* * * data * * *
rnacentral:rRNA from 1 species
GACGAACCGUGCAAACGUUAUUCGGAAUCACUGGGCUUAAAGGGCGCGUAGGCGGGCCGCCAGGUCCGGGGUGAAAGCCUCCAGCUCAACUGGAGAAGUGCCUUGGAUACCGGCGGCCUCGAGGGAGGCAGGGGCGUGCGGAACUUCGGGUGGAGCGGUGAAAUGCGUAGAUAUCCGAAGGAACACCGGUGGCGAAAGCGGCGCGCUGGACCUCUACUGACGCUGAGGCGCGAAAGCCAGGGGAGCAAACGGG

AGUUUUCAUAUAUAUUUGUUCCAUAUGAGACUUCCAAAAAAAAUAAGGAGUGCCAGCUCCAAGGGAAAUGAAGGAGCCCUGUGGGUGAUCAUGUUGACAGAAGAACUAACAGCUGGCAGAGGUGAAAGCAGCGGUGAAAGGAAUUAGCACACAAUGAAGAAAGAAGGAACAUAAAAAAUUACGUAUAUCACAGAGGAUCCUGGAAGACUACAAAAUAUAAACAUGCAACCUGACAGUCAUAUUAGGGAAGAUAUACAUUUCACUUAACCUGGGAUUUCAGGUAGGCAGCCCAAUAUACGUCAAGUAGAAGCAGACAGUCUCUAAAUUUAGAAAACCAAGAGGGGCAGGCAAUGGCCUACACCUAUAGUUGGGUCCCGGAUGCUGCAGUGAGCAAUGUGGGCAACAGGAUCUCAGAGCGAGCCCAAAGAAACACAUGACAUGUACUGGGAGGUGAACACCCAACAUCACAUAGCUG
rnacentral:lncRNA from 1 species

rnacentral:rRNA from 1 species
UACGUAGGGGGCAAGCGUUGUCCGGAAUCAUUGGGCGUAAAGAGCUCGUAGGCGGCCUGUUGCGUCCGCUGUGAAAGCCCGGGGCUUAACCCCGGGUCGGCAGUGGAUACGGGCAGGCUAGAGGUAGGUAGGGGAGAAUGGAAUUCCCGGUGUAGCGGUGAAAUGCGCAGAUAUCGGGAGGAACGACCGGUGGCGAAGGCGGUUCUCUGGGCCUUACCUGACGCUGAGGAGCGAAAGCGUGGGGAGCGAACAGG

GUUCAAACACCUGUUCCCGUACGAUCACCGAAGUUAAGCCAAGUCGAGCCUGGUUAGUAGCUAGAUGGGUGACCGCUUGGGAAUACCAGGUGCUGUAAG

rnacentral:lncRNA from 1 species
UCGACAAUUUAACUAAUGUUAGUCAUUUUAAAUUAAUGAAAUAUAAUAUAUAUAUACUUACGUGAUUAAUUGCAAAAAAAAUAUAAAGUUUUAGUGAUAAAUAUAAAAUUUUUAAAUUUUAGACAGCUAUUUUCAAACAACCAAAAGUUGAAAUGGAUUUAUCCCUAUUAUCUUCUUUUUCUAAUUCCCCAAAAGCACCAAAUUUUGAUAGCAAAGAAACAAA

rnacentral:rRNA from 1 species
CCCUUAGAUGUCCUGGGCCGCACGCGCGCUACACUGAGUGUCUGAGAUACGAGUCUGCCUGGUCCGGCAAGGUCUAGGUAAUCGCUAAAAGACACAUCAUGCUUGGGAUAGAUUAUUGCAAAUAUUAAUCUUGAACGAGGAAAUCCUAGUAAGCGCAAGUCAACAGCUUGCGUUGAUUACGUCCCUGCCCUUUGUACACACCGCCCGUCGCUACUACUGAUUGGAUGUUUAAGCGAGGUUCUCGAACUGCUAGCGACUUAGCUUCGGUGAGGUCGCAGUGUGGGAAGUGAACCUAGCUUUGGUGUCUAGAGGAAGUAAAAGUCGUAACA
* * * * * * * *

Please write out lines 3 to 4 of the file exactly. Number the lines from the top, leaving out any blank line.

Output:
AGUUUUCAUAUAUAUUUGUUCCAUAUGAGACUUCCAAAAAAAAUAAGGAGUGCCAGCUCCAAGGGAAAUGAAGGAGCCCUGUGGGUGAUCAUGUUGACAGAAGAACUAACAGCUGGCAGAGGUGAAAGCAGCGGUGAAAGGAAUUAGCACACAAUGAAGAAAGAAGGAACAUAAAAAAUUACGUAUAUCACAGAGGAUCCUGGAAGACUACAAAAUAUAAACAUGCAACCUGACAGUCAUAUUAGGGAAGAUAUACAUUUCACUUAACCUGGGAUUUCAGGUAGGCAGCCCAAUAUACGUCAAGUAGAAGCAGACAGUCUCUAAAUUUAGAAAACCAAGAGGGGCAGGCAAUGGCCUACACCUAUAGUUGGGUCCCGGAUGCUGCAGUGAGCAAUGUGGGCAACAGGAUCUCAGAGCGAGCCCAAAGAAACACAUGACAUGUACUGGGAGGUGAACACCCAACAUCACAUAGCUG
rnacentral:lncRNA from 1 species